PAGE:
New York City’s first free phone-booths-turned-Wi-Fi hubs go live

LinkNYC, a free public gigabit Wi-Fi network in New York City, turned on access at its first four hubs in Manhattan this week. When it's completed, LinkNYC will offer free Internet access across all five boroughs of New York.

A press image shows a LinkNYC Wi-Fi hotspot in Midtown Manhattan.

In 2014, New York City officials unveiled LinkNYC, an ambitious plan to remove the city’s 6,400 pay phones and replace them with 10-foot-tall Wi-Fi hubs offering free Internet across the five boroughs. This week, the first four hubs went live, allowing New Yorkers on Third Avenue between 15th Street and 19th Street to connect to the network.

LinkNYC is still in beta testing, but the group administering the network, a consortium of companies including Qualcomm and Intersection, plans to cover almost the entire city by 2025. 

Most municipal Wi-Fi projects only offer coverage in city centers, and often only for a few hours a day. LinkNYC, by contrast, will offer a connection 24/7 and will also allow New Yorkers to place free calls to any phone in the US.

The four current hubs offer download and upload speeds greater than 300 Mbps, reports tech site The Verge, which is about 25 times faster than the average US Internet connection. Each LinkNYC hub is connected to the network by a newly laid fiber optic cable.

When it’s done, the LinkNYC network will comprise up to 10,000 hubs, delivering super fast Internet to New Yorkers. City officials have argued that Internet access is an important resource for bringing economic opportunities to New York and allowing people to lift themselves out of poverty. New York Mayor Bill de Blasio wrote in an op-ed in The Huffington Post last February that “the Internet has become fundamental to solving” income inequality, and that affordable broadband Internet is “an essential building block of economic opportunity.”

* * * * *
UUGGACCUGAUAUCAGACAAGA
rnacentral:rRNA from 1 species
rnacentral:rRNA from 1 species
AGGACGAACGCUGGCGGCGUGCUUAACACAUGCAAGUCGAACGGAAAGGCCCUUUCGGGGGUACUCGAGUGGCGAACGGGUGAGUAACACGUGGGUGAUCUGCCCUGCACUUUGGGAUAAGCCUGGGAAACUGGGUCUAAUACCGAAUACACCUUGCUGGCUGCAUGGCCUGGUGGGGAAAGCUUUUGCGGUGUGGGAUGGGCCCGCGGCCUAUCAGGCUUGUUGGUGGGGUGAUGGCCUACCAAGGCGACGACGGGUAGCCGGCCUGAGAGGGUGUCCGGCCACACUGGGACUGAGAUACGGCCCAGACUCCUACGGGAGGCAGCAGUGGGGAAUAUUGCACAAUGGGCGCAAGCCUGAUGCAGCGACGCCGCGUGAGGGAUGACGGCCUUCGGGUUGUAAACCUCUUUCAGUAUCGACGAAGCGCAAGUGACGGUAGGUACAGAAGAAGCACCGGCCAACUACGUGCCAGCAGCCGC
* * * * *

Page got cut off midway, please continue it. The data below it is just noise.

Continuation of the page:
Officials have said that Internet speeds won’t be slower in poorer neighborhoods, where advertisers may be less interested in purchasing space on the sides of the Wi-Fi hubs. 

LinkNYC uses a login system to keep users connected across the entire network. Creating an account requires an e-mail address, which officials say won’t be shared with advertisers or anyone else. The network itself uses encryption to keep the data being transmitted to and from users secure.

Each LinkNYC hub will offer Wi-Fi coverage for at least 150 feet in all directions, according to the companies that designed the network. That means more or less seamless coverage, particularly in Manhattan, which will have the highest hub density once the network is completed. It also means, however, that the LinkNYC network won’t reach more than a few stories above ground level – so New Yorkers living in tall apartment buildings probably won’t be able to cancel their home Internet subscription.

Still, if the roll-out continues smoothly the network could be a model for other cities, offering connectivity to any resident or visitor who wants it.

[Editor's note: This story has been changed from its original version to more accurately describe the organizations behind LinkNYC. The effort is led by a consortium of companies including Qualcomm and Intersection.]

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